According to data collated by TotallyMoney, six of the twenty top rental yield earning postcodes were in Liverpool last year. The world famous docks are being revamped whilst protecting the Docks’ World Heritage status, there is residential development springing up as part of the new Paddington Village, and the development of a new Creativity District will house some of the many vibrant and successful creative businesses that Liverpool boasts.

Liverpool John Lennon Airport saw 5 million passengers in 2018 and has been increasing the numbers of flights and routes available. The coach park is expanding to encourage more domestic tourism and London is reachable in just over 2 hours by train. There are even plans to build a new cruise terminal! The University of Liverpool attracts 35,000 students, including 8000 from around the world, many of whom will choose to make Liverpool their home post-graduation.


Leeds is a growing city that is seeing an increased interest. Channel 4 have recently moved their headquarters there, and there are plans to bring some of the more historic buildings into media usage. The Tetley contemporary art centre receives regular funding from the Arts Council and has had 600,000 visitors in the past five years. The South Bank regeneration project will see Leeds city centre double in size and two state-of-the-art hospitals are being built to provide for the city’s inhabitants.

Leeds is already home to the busiest train station in the North, with 30,000 daily commuters passing through, and it is set to capitalise on the improved links to London that will come with the HS2 railway. Improved cycling and pedestrian routes will make it easier for the students from the four universities and the newly opened Construction College to get around whilst also making the city more user-friendly for visitors. Leeds is thriving, and with rental yields of up to 7.92% it could really boost your buy-to-let portfolio.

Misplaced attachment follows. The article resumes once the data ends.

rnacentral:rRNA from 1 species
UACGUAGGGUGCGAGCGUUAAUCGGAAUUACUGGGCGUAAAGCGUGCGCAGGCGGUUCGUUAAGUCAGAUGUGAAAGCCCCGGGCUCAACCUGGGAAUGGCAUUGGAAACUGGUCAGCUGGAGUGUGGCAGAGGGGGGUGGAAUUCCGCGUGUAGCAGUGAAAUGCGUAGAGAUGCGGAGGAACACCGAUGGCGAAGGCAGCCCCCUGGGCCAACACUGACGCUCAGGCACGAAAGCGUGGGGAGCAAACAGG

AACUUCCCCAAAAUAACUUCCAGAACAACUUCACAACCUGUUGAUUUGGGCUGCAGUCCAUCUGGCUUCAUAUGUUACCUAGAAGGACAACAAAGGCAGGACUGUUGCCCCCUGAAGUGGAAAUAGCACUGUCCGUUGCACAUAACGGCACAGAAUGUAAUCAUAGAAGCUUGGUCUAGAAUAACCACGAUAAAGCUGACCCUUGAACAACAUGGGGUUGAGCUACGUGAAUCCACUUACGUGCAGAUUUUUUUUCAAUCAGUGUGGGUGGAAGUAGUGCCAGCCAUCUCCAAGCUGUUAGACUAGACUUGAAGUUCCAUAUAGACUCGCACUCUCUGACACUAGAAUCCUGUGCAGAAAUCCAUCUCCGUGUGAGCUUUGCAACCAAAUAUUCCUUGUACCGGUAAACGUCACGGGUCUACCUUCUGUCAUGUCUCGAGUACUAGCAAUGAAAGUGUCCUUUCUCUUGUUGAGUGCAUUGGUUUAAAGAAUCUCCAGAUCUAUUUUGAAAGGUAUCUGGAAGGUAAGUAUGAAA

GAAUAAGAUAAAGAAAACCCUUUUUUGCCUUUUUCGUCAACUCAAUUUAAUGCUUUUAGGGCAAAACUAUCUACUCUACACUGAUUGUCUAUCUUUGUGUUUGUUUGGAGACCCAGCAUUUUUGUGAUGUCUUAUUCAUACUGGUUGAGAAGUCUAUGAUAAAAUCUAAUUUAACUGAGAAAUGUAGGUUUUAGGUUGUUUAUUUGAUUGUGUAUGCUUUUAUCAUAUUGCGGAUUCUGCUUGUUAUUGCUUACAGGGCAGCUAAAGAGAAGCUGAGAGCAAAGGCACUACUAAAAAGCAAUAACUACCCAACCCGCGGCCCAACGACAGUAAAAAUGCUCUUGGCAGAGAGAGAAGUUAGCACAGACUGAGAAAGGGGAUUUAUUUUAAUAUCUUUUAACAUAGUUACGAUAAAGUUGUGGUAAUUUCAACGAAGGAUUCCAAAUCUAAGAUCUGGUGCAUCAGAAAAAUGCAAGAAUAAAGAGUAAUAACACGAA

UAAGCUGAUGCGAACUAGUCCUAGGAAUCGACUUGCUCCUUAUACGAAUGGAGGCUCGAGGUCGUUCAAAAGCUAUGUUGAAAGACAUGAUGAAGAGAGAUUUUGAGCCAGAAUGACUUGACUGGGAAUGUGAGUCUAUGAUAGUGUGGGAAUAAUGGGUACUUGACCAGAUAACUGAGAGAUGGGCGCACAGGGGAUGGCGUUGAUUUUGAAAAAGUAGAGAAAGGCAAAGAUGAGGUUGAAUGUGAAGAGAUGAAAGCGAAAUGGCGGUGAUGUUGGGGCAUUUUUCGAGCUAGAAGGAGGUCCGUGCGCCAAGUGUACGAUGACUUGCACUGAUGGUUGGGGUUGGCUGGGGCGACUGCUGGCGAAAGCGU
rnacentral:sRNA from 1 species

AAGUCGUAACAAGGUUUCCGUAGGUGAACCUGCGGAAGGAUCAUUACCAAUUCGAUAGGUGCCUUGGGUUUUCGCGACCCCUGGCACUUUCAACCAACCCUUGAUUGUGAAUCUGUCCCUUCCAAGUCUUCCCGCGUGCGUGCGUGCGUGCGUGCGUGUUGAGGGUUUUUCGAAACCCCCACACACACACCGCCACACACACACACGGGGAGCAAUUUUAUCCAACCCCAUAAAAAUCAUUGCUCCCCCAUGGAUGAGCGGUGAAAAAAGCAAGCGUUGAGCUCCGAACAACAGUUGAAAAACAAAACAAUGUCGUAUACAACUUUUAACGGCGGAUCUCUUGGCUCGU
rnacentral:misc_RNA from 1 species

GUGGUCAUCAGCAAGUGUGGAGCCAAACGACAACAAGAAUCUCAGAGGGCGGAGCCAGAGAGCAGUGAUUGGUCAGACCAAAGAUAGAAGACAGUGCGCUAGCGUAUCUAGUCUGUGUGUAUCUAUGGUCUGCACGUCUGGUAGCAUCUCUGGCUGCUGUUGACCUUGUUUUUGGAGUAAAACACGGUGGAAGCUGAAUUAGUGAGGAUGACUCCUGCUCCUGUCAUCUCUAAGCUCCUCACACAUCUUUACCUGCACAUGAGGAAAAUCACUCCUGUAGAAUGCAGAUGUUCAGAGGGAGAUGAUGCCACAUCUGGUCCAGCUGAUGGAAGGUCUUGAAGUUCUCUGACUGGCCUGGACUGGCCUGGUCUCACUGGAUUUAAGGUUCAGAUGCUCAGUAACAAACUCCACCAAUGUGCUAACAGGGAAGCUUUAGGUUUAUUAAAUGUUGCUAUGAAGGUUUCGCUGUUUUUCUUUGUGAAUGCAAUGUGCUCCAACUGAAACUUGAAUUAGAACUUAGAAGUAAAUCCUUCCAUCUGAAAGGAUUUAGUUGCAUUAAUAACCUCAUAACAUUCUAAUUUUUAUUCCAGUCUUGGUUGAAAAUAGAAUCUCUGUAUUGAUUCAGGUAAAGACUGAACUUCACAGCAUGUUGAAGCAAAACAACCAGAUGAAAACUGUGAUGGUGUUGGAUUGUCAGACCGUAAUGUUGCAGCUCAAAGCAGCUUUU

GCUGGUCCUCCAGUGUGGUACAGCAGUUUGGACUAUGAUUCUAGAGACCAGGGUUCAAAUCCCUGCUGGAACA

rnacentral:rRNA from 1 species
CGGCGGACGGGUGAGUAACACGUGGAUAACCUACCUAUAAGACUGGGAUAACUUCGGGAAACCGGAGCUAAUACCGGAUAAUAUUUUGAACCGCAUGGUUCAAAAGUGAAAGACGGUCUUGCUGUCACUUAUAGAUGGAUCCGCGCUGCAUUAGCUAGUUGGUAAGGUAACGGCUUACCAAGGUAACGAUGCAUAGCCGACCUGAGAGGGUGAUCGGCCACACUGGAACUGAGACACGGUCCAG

Another city set to benefit from the HS2 route is Sheffield. The fourth largest city in Britain, Sheffield has two universities and has an enviable music scene. It is also the greenest city in Europe, which could be why it attracts such a large number of graduates and is seeing increasing numbers of international students enrolling each year. The population is growing; there is a predicted increase of almost 15% in the next 15 years. As new residents arrive and regeneration projects complete, the current rental yields of up to 7.63% could skyrocket.

The historic Parkwood ski village is facing a revamp, with plans to develop it into a sports and leisure space to complement the range of outdoor activities that the Peak District provides just half an hour drive away. The redevelopment of retail areas is also attracting vast amounts of investment, for example the Moors Markets host over 90 independent businesses as well as established chains and restaurants.


Bolton may not be the first city you think of when considering bustling university cities but you can expect high rental yields, and that’s even before they’ve completed the billion-pound regeneration of the city centre. The night-life is thriving, transport links to major cities like Liverpool and Manchester are quick and convenient and the cost of living is relatively low. The university currently has around 11,000 students on campus who consistently rate it highly for student satisfaction, which will no doubt help them in meeting their aim of 20,000 students in Bolton for the 2020 intake. After all, they’ll need new students to populate the new bioscience learning spaces and to utilise the Bolton One health, leisure and research centre. As a city it is very much up-and-coming, making it a great site for property investment.


Bradford boasts a young and multicultural population. It is a UNESCO city of film thanks to its rich heritage, and is relaunching it’s famous film festival next year. The Townscape Heritage Scheme is investing millions in protecting and restoring historical buildings and there are several commercial developments appearing as part of the M62 corridor. As well as being well-connected by road, Bradford has two airports within an hours distance and the Bradford interchange houses coach, rail and bus facilities. With so many people building their lives in Bradford there is a sustained demand for rental property.